Vt. lawmakers, AARP want public utility influence


WILSON RING, Associated Press

MONTPELIER -- One of the first acts of the 2014 Legislature will be to give final passage to a bill that would give consumers and small businesses more influence in utility regulation cases heard by the Public Service Board, legislative leaders said Monday on the eve of the opening of the 2014 session.

During last year’s legislative session, AARP Vermont worked with Vermont’s Department of Public Service and legislative leaders to ensure that the public’s voice is heard in front of the board that regulates utility issues, such as rates and the construction for renewable energy projects such as wind farms.

"I think it’s a great opportunity to do a better job for people who haven’t been heard from much and who don’t know a great deal about how to represent themselves," said Sen. Robert Hartwell, D-Bennington. "I think they need some help from the state and I think this bill will help us get in that direction."

The bill passed the Senate during last year’s session and legislative leaders expect the House to follow suit. The lawmakers, including House Speaker Shap Smith, D-Morristown, and Senate President Pro Tem John Campbell, D-Windsor, both attended a Monday news conference where they urged quick final passage of the bill.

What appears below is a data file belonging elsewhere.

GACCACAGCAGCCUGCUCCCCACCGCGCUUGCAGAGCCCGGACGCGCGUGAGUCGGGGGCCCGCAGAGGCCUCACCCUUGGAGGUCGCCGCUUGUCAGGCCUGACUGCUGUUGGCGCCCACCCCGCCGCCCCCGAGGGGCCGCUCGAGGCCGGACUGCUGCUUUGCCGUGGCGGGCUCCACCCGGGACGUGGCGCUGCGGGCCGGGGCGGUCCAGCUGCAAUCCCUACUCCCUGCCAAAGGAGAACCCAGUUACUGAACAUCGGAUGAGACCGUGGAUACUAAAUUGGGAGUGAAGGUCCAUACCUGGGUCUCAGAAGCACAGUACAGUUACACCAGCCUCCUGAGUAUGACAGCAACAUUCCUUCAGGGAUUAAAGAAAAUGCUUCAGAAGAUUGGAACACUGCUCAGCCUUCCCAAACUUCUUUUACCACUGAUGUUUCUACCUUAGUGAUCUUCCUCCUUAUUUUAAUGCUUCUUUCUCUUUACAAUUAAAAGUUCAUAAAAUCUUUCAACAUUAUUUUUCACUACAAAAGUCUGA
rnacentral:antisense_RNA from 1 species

Smith said there was no chance the bill would fail to pass the House.

Christopher Recchia, the commissioner of the Department of Public Service, which represents the interests of consumers before the utility regulating Public Service Board, said that it was only natural that the positions of the parties involved in contested utility regulation cases would be most closely considered by the board.

"We try to pay attention to others, but often the focus is on the parties that are present," Recchia said. "This bill clearly makes it appropriate and directs us to pay heightened attention to the fact that there are other ratepayers in the issue that need to be addressed, and we will do so."

Robert Dostis, a spokesman for the state’s largest electric utility, Green Mountain Power, said they supported the measure.

"The bill puts into law the good work of the Department of Public Service. It ensures that low-income residential and business customers receive representation on matters before the public service board," Dostis said. "In our view that is a good thing."


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